Skip to content

Book Crate Unboxing – Book of the Month Club (December 2016) WITH PROMO CODE

Book of the Month club is easily my favorite book club/crate combo. The thing I like about BOTM the most is that they have judges that hand select their featured titles each month. So you’re not getting a book in a crate just because it’s popular or new, you’re getting a book because one of their judges loved it and couldn’t wait to share it with you.

And, after you subscribe, you can add up to two additional titles to your crate each month for only $9.99, which is a screaming deal taking into consideration the normal price of hardcovers being up somewhere in the region of the mid to high twenties.

HOW IT WORKS

  • 1
    NEW SELECTIONS EACH MONTH
    On the 1st we announce the five bestbooks of the month.
  • 2
    CHOOSE YOUR BOOK
    Choose your book by the 6th, or easilyskip the month if you prefer.
  • 3
    BOXES SHIP – HURRAY!
    Your books arrive in a beautiful box.Happy reading!

img_3333

MY DECEMBER BOOKS OF THE MONTH:

  • Swimming Lessons by Claire Fuller

For the first time this month, they had their first exclusive title, Swimming Lessons, by Claire Fuller. It was an early release for BOTM members only!

HOW TO DISAPPEAR COMPLETELY

I imagine that Chick Lit and RomComs are popular genres because they depict the idealized versions of how people think romance should be. We watch them for whatever the opposite of catharsis is – it’s all about the look, right there on the surface. Then there are the thrillers and dramas that we read for catharsis and… instruction, maybe? Like, it’s a bit of an emotional purge, but also more of an instruction manual for avoiding what you don’t want in a relationship.Swimming Lessons is the latter.

Reading this drama was a helpful reminder of what I don’t want in my relationship. Ingrid, our protagonist, is losing herself as she is swept away in romance with a charismatic man. Her husband, a famous and well-respected author, has most of the agency in this relationship, and an unplanned pregnancy steers Ingrid off course from her life goals. And then, of course, there is Ingrid’s disappearance under mysterious circumstances that may or may not be related to her thwarted ambitions. So, you know, life lessons and intrigue.

BOTM spoke with the cast of Showtime’s The Affair about why complicated relationships make for great art. Watch the video here.

Ingrid’s life story reads like a cautionary tale for my own life. My handsome husband is on a plane back to the U.S. from a work conference, I’m seven months pregnant, and we impulsively bought a puppy two weeks ago (insert joke about nesting). I don’t want to lose myself – my passion for reading, my career – as family obligations grow all around me (literally). And that’s whySwimming Lessons struck a chord for me: ultimately it’s about a couple whose individual ambitions complicate their relationship in ways that are both relatable and devastating.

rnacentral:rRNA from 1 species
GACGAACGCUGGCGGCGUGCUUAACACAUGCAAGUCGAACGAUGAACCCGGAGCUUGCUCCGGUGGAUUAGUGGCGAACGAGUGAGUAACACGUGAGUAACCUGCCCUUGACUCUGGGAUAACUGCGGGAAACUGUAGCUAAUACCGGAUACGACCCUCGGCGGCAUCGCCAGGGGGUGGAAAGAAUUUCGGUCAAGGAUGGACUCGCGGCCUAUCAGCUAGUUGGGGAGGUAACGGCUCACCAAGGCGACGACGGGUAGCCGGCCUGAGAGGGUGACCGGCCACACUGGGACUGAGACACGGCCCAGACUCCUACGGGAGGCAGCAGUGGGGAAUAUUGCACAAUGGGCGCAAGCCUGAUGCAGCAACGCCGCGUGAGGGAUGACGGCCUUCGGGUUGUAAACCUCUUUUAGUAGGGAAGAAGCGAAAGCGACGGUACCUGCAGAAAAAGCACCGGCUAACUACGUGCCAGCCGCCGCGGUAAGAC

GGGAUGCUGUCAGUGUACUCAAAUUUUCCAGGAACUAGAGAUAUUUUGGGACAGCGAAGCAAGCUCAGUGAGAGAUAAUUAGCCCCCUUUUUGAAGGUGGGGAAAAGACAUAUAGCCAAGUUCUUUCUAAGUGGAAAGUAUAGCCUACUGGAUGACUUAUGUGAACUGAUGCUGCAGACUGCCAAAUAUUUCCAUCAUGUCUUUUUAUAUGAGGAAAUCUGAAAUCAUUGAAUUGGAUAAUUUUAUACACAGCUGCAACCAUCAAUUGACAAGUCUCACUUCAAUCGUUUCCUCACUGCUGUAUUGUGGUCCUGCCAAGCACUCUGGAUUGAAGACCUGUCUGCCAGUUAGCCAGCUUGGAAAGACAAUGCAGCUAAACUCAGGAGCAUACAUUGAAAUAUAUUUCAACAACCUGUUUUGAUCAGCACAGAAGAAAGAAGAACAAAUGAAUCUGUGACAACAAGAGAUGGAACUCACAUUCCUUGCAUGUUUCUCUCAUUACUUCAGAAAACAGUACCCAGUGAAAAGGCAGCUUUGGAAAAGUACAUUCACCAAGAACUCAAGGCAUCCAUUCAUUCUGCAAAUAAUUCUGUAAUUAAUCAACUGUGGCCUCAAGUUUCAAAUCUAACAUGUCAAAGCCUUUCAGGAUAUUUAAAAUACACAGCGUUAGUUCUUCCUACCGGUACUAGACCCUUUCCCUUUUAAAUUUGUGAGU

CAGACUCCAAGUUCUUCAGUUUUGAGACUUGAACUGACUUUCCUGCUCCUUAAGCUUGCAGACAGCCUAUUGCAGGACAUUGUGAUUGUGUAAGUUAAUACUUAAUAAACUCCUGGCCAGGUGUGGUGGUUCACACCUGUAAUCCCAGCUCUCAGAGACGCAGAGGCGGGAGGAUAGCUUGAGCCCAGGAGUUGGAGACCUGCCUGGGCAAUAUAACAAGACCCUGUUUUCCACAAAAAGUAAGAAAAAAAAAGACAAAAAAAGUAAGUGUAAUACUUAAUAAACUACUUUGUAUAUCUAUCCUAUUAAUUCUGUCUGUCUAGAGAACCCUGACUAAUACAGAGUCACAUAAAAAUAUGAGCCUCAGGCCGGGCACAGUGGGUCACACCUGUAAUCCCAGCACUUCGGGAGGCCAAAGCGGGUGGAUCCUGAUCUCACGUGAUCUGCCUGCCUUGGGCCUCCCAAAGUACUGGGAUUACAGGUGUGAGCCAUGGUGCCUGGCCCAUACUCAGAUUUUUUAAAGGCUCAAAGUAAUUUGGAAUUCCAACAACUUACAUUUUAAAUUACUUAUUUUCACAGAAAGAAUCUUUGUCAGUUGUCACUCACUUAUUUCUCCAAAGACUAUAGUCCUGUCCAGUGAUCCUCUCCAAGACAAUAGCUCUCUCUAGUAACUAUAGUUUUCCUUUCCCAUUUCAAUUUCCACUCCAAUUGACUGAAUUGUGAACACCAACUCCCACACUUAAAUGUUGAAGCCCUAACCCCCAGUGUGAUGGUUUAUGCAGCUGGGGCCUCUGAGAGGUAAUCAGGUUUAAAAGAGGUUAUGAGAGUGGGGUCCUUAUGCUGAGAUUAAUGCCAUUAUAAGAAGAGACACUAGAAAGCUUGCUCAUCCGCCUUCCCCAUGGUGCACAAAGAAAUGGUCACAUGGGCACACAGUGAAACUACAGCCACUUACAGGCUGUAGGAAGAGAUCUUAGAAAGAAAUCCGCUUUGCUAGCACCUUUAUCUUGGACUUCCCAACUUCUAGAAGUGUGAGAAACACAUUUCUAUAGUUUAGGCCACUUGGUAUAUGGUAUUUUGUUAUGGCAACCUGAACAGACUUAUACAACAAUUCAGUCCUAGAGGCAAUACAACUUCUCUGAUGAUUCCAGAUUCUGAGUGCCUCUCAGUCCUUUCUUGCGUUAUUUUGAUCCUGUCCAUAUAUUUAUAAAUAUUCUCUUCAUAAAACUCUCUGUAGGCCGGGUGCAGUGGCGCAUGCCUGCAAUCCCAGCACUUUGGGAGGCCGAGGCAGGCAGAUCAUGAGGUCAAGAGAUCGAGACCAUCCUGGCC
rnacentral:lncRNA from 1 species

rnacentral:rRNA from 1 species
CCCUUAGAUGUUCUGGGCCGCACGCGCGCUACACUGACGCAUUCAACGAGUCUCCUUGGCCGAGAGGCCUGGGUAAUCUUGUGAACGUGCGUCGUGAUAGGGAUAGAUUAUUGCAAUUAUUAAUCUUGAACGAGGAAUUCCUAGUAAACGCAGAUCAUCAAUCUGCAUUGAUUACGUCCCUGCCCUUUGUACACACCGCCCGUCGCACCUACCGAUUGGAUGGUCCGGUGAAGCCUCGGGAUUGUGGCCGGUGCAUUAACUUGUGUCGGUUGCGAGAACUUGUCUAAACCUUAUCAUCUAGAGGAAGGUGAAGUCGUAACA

Ingrid ultimately gets control over her destiny, and although it’s complicated, it’s a big part of the joy of reading this book. Through salacious letters scattered throughout the book, Ingrid finds a way to tell her story. As I read, I found myself asking whether Ingrid is getting closer to what she wants or moving further away. The reader is asked to play a large role in deciphering whether or not Ingrid is dead, or if she simply left and started over. Playing out the various scenarios is almost like a “choose your own adventure” story for adults. For me, Ingrid’s story, voice, and perspective, makes for a haunting, motivating, and fantastic read.

BOTM spoke with the cast of Showtime’s The Affair about why complicated relationships make for great art. Watch the video here.

  •  The Sun is Also a Star by Nicola Yoon

I read Everything, Everything by Nicola last month, and can say for sure that I’m very excited to read this book.

FINDING THE MEANING OF LIFE IN 12 HOURS OR LESS

The best thing about reading YA fiction as an adult is getting to feel like a teenager again. The Sun Is Also a Star managed to transport me back to my first love—or, rather, the first love I wish I could have had—without veering into the realm of the sappy or the predictable.

Nicola Yoon’s exquisite novel takes place over the course of one single day in New York City: it’s the day Daniel has his alumni interview for Yale, a school he’s only applying to in order to gratify his strict Korean parents, and it’s Natasha’s last day in America; her family, illegal immigrants from Jamaica, were exposed after her father’s DUI, and now, she must return to a country she barely remembers. On this one day their stories overlap, and fate conspires for them to meet before it seems fate will inevitably tear them apart.